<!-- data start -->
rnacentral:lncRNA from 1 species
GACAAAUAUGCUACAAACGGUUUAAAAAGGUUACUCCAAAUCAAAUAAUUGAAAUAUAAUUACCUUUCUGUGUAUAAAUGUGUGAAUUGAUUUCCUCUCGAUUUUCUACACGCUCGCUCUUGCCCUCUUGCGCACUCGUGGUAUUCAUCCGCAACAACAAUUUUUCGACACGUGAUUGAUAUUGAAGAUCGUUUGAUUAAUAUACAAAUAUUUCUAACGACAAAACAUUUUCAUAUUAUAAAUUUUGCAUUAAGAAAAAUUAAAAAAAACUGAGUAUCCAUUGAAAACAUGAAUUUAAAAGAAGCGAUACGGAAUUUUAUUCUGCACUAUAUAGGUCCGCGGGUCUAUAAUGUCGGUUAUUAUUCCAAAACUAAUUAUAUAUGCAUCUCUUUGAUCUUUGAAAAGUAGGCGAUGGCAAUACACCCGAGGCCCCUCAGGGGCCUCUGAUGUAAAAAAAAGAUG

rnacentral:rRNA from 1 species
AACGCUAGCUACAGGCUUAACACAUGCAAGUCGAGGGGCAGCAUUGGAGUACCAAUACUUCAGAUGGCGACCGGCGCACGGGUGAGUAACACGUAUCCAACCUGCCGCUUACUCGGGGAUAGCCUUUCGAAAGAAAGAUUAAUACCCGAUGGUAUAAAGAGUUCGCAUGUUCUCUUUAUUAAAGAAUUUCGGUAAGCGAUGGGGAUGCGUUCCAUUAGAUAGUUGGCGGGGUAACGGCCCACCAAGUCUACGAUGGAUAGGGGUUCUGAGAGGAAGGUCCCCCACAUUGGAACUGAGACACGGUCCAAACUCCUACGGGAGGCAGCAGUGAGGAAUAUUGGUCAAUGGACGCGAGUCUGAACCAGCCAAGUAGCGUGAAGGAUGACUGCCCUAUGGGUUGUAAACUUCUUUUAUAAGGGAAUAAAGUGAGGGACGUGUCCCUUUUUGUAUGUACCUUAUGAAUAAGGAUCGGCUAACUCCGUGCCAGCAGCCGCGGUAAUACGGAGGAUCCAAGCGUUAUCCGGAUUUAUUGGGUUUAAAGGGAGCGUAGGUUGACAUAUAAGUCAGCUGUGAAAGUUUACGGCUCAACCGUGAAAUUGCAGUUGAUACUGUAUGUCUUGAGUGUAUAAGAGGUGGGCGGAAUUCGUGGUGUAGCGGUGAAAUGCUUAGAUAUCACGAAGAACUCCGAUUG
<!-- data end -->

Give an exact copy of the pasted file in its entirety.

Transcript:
rnacentral:lncRNA from 1 species
GACAAAUAUGCUACAAACGGUUUAAAAAGGUUACUCCAAAUCAAAUAAUUGAAAUAUAAUUACCUUUCUGUGUAUAAAUGUGUGAAUUGAUUUCCUCUCGAUUUUCUACACGCUCGCUCUUGCCCUCUUGCGCACUCGUGGUAUUCAUCCGCAACAACAAUUUUUCGACACGUGAUUGAUAUUGAAGAUCGUUUGAUUAAUAUACAAAUAUUUCUAACGACAAAACAUUUUCAUAUUAUAAAUUUUGCAUUAAGAAAAAUUAAAAAAAACUGAGUAUCCAUUGAAAACAUGAAUUUAAAAGAAGCGAUACGGAAUUUUAUUCUGCACUAUAUAGGUCCGCGGGUCUAUAAUGUCGGUUAUUAUUCCAAAACUAAUUAUAUAUGCAUCUCUUUGAUCUUUGAAAAGUAGGCGAUGGCAAUACACCCGAGGCCCCUCAGGGGCCUCUGAUGUAAAAAAAAGAUG

rnacentral:rRNA from 1 species
AACGCUAGCUACAGGCUUAACACAUGCAAGUCGAGGGGCAGCAUUGGAGUACCAAUACUUCAGAUGGCGACCGGCGCACGGGUGAGUAACACGUAUCCAACCUGCCGCUUACUCGGGGAUAGCCUUUCGAAAGAAAGAUUAAUACCCGAUGGUAUAAAGAGUUCGCAUGUUCUCUUUAUUAAAGAAUUUCGGUAAGCGAUGGGGAUGCGUUCCAUUAGAUAGUUGGCGGGGUAACGGCCCACCAAGUCUACGAUGGAUAGGGGUUCUGAGAGGAAGGUCCCCCACAUUGGAACUGAGACACGGUCCAAACUCCUACGGGAGGCAGCAGUGAGGAAUAUUGGUCAAUGGACGCGAGUCUGAACCAGCCAAGUAGCGUGAAGGAUGACUGCCCUAUGGGUUGUAAACUUCUUUUAUAAGGGAAUAAAGUGAGGGACGUGUCCCUUUUUGUAUGUACCUUAUGAAUAAGGAUCGGCUAACUCCGUGCCAGCAGCCGCGGUAAUACGGAGGAUCCAAGCGUUAUCCGGAUUUAUUGGGUUUAAAGGGAGCGUAGGUUGACAUAUAAGUCAGCUGUGAAAGUUUACGGCUCAACCGUGAAAUUGCAGUUGAUACUGUAUGUCUUGAGUGUAUAAGAGGUGGGCGGAAUUCGUGGUGUAGCGGUGAAAUGCUUAGAUAUCACGAAGAACUCCGAUUG